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ATL's offensive coordinator power rankings

We've rolled out esoteric-tiered power rankings for wide receivers, pass rushers, coaches, quarterbacks and fan bases this season.

This week's mission: offensive coordinator. Play-calling, scheme and amount of responsibility all were taken into account. Let's do this:

Top shelf: Greg Roman, Bruce Arians, Jay Gruden, Josh McDaniels, Todd Haley
and Mike McCoy

It's difficult to separate Roman from San Francisco 49ers coach Jim Harbaugh, but no one has a more inventive offense. The 49ers' running game is very tough to prepare for. Someone should give Roman a shot as a head coach.

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Arians has done an outstanding job with Andrew Luck and the Indianapolis Colts. We love that he always stays aggressive vertically. Gruden is another potential future head coach. He has shepherded Cincinnati Bengals quarterback Andy Dalton into the NFL well and made the most with his offense.

McDaniels struggled with personnel and organizational responsibilities as a head coach with the Denver Broncos, but he's a talented play-caller (even if he gets too cute sometimes with the New England Patriots). Haley has done a good job molding his system to his talent with the Pittsburgh Steelers. The transition to Haley with Ben Roethlisberger has worked well on the field. McCoy is well-respected around the league and did a nice job making chicken salad out of Tim Tebow in Denver last year.

Knocking on the door: Kyle Shanahan, Pete Carmichael Jr., Kevin Gilbride and Dirk Koetter

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Shanahan was able to create yardage with inferior quarterbacks. With Robert Griffin III, the Washington Redskins are scoring points. Griffin is responsible for most of the Redskins' success, but Shanahan has done a nice job introducing him into the NFL.

Carmichael got the keys to Sean Payton's New Orleans Saints offense and hasn't crashed the car. Gilbride is an underrated steady influence on the New York Giants' offense. Koetter's up-tempo attack has worked with the Atlanta Falcons. His stock has risen.

Next level: Mike Sullivan, Scott Linehan and Mike Sherman

I was skeptical of Greg Schiano's hiring of Sullivan because he wasn't close to the coach's top option, but the arrangement has worked out well for the Tampa Bay Buccaneers. Vertical passing and power running still works.

Linehan takes pass-wackiness to extremes with the Detroit Lions, but the team puts up points. Sherman has done a solid job orchestrating the Miami Dolphins' offense with his former college quarterback, Ryan Tannehill, at the helm.

Middle of the pack: Darrell Bevell, Brian Schottenheimer, Rob Chudzinski,
Marty Mornhinweg and Cam Cameron

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I haven't been a huge fan of Bevell with the Minnesota Vikings or now the Seattle Seahawks, but his sometimes conservative approach is working this year. Schottenheimer has helped the St. Louis Rams' offense improve while he watches the New York Jets' offense decline from afar. Mornhinweg is a lot more well-respected within NFL circles than he is by fans.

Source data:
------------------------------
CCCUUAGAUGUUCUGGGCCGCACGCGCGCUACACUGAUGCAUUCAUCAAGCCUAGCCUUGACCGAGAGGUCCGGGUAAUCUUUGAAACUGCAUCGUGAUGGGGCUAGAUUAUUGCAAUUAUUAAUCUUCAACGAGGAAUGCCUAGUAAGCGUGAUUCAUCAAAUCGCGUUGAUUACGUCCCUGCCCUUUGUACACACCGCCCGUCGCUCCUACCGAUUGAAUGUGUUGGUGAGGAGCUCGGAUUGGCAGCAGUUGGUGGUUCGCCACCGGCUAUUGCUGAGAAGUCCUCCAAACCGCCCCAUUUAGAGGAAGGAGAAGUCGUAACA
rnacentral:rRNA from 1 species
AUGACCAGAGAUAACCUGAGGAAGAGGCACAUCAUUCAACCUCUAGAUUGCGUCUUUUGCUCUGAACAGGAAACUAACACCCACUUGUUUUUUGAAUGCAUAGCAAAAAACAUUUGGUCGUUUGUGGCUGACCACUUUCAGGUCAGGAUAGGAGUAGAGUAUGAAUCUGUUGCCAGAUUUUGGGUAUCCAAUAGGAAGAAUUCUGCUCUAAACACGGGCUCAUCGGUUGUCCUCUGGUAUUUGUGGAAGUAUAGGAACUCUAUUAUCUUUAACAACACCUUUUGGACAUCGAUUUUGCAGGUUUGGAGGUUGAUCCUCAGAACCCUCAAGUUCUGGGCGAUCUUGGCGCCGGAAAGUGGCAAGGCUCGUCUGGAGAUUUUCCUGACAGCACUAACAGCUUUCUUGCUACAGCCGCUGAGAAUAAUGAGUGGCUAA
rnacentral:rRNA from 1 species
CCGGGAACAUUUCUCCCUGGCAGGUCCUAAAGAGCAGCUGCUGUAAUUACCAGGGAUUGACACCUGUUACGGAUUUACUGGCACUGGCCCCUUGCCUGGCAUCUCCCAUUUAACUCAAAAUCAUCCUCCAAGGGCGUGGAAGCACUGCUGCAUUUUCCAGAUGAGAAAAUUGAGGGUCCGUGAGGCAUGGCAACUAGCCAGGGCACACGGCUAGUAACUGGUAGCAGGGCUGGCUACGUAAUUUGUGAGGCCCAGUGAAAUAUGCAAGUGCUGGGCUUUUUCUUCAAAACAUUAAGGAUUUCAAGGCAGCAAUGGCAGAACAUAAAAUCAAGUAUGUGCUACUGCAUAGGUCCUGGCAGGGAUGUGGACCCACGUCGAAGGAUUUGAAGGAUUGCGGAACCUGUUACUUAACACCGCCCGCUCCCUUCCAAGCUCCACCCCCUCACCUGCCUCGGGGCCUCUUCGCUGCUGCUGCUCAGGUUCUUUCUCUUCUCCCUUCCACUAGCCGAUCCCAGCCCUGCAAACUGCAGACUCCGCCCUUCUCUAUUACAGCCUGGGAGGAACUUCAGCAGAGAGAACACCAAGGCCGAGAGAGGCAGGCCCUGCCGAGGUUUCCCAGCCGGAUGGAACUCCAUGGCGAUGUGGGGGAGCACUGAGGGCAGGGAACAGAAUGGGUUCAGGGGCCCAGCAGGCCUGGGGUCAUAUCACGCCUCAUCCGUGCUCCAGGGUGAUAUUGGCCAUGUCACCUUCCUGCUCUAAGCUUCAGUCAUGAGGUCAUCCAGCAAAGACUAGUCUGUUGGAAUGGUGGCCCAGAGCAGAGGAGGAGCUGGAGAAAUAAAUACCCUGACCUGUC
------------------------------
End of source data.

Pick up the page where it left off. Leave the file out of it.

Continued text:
Chudzinski is hit or miss. Last year, he was a huge hit with the Carolina Panthers. This season, he often has tried to look too smart at the expense of the offense overall. The Baltimore Ravens' offense should be better -- I think this every season, and it comes back to coaching. It's surprising Cameron has stayed there so long.

Coordinator in name only: Brad Childress, Bill Callahan, Curtis Modkins, Rick Dennison, Dowell Loggains, Hal Hunter, Tom Clements and Mike Miller

This group works under strong offensive minds and/or they don't call plays. Childress mostly underwhelmed in his one chance to truly lead an offense with the Vikings. Callahan of the Dallas Cowboys is a noted offensive line guru. Loggains was just hired by the Tennessee Titans, so we had to stick him somewhere. You probably don't know where the names on the rest of this list coach, because, essentially, they're assistants, not coordinators.

End of the line: Greg Knapp, Mike Tice, Bob Bratkowski, Bill Muir, Bill Musgrave
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Knapp hasn't been successful in a variety of places. The Oakland Raiders' running game collapsed when he arrived. Bratkowski has a double whammy: He couldn't improve the Jacksonville Jaguars' offense, and the Bengals' offense got better without him. The Kansas City Chiefs' offense has been uninspired under Muir. Musgrave is vanilla and conversative with the Vikings, which is a bad combination.

Tice's scheme with the Chicago Bears doesn't inspire, nor does his handling of the offensive line. Sparano inherited a bad situation with the Jets, but it only has grown worse. The passing game comes first for 2012 coordinators, and Sparano hasn't shown the ability to find improvement through the air.

Follow Gregg Rosenthal on Twitter @greggrosenthal.

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